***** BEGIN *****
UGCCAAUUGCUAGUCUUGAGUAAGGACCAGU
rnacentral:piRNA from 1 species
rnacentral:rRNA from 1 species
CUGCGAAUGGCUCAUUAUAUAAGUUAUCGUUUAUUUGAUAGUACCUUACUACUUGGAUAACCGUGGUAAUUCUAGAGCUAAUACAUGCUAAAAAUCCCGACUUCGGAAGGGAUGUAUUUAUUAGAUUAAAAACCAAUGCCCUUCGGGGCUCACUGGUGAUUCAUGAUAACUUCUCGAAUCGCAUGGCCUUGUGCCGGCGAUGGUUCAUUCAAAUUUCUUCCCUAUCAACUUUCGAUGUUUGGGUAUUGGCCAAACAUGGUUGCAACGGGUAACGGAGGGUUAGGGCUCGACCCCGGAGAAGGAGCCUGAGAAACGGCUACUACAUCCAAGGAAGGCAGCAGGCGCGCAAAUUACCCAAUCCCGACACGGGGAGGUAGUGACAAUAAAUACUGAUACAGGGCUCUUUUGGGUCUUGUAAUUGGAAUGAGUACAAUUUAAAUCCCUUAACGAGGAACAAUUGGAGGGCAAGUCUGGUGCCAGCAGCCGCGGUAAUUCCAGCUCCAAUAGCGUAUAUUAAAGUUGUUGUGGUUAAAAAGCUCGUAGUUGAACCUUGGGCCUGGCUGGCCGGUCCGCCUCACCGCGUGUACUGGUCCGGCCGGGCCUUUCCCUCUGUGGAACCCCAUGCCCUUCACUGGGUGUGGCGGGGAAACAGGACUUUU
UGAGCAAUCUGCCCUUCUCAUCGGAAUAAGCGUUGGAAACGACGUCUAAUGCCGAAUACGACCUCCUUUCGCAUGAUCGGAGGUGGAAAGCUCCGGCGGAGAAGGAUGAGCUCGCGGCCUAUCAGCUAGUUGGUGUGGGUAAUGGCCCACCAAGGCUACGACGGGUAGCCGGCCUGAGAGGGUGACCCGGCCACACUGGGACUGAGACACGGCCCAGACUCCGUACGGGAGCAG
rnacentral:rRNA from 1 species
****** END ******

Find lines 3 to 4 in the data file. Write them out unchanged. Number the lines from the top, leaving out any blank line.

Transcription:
rnacentral:rRNA from 1 species
CUGCGAAUGGCUCAUUAUAUAAGUUAUCGUUUAUUUGAUAGUACCUUACUACUUGGAUAACCGUGGUAAUUCUAGAGCUAAUACAUGCUAAAAAUCCCGACUUCGGAAGGGAUGUAUUUAUUAGAUUAAAAACCAAUGCCCUUCGGGGCUCACUGGUGAUUCAUGAUAACUUCUCGAAUCGCAUGGCCUUGUGCCGGCGAUGGUUCAUUCAAAUUUCUUCCCUAUCAACUUUCGAUGUUUGGGUAUUGGCCAAACAUGGUUGCAACGGGUAACGGAGGGUUAGGGCUCGACCCCGGAGAAGGAGCCUGAGAAACGGCUACUACAUCCAAGGAAGGCAGCAGGCGCGCAAAUUACCCAAUCCCGACACGGGGAGGUAGUGACAAUAAAUACUGAUACAGGGCUCUUUUGGGUCUUGUAAUUGGAAUGAGUACAAUUUAAAUCCCUUAACGAGGAACAAUUGGAGGGCAAGUCUGGUGCCAGCAGCCGCGGUAAUUCCAGCUCCAAUAGCGUAUAUUAAAGUUGUUGUGGUUAAAAAGCUCGUAGUUGAACCUUGGGCCUGGCUGGCCGGUCCGCCUCACCGCGUGUACUGGUCCGGCCGGGCCUUUCCCUCUGUGGAACCCCAUGCCCUUCACUGGGUGUGGCGGGGAAACAGGACUUUU